But Neil McEvoy, deputy leader for Cardiff Council, struggled to be heard over heckles when he said: “The relationship between Cardiff Council and the unions is better than it ever has been. The fault of the economic crisis is with the Oxbridge boys.”
The rally ended with a message from event organiser Katrine Williams, vice president of PCS, who said: “Today’s demonstration was a great start to a movement that will grow and grow. We will continue to mobilise and work with trade unions to fight against the public sector cuts.”
The march was backed by the PCS, the Fire Brigades Union (FBU), the Communication Workers Union (CWU), University and Colleges Union (UCU), the RMT, the National Shops Stewards Network (NSSN) and the National Association of Probation Officers (NAPO).
Ross Saunders, Cardiff organiser of the Socialist Party of Wales, said: “The event was fantastic, it is the start of a campaign against the cuts. We have laid down a marker to show that people from Cardiff and Wales will not take this lying down.”
The Trade Union Congress (TUC) will hold a national demonstration in Hyde Park, London on March 26, 2011, and the National Union of Students (NUS) and UCU will be hold a march in London on November 10, 2010.
Here is a map of the march route to show the scale of the event.
Cardiff protest against the proposed cuts to public sector on the day of the coalition government’s spending review anouncement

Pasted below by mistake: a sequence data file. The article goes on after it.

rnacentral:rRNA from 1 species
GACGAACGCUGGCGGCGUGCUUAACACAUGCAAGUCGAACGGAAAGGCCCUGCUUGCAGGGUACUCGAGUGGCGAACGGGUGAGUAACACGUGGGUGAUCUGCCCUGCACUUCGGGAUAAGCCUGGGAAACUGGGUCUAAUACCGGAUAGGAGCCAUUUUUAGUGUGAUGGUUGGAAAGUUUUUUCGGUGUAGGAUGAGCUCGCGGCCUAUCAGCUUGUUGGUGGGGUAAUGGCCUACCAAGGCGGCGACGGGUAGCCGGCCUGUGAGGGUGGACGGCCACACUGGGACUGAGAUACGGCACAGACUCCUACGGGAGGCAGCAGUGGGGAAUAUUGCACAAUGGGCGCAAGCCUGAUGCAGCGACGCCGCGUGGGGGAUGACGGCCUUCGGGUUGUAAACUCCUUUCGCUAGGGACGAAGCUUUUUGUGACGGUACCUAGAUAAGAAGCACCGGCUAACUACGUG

Protestors gathered in the city centre last night to oppose the cuts to public services announced in the Government’s comprehensive spending review earlier in the day.
Photo by Anna
Around 50 people gathered by the Aneurin Bevan statue on Queen Street at 5.30pm to vocalise their disapointment at the Government’s decisions, and listened to speeches by Jake Griffiths, leader of the Wales Green party and Marianne Owens, vice chair of the Public and Commercial Services (PCS) Wales Committee.
Owens said: “We need to spread the message that we won’t pay for a crisis that we haven’t caused.”
Organiser Seb Cooke, of the South Wales Right to Work group, said: “I do not feel that writing to politicians is enough – to make an impression we need protests on the scale that we have seen in France and Greece.
“The government are trying to blame and punish the public services for the economic problems facing the country. It is not right that the public services should suffer, because the banks caused the crisis.”
He also started off a chant: “They say cut back, we say fight back!…Tories, Tories, Tories, out, out, out!”
We all know anger is there, I don’t know anyone who is happy with the cuts. We have the steam of public anger, now we need to build a piston box and convert steam into useful work.
“We object to everything in the public spending review -the cuts are not necessary when there are billions of pounds in evaded taxes. Investment builds the economy more than cuts do, the government is implementing changes without regard to evidence.”
Photo by Anna
This Saturday a larger protest is due take place outside the City Hall and expected to attract protesters from across Wales.